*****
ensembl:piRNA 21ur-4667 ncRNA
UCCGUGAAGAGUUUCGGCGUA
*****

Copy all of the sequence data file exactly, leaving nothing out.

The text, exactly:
ensembl:piRNA 21ur-4667 ncRNA
UCCGUGAAGAGUUUCGGCGUA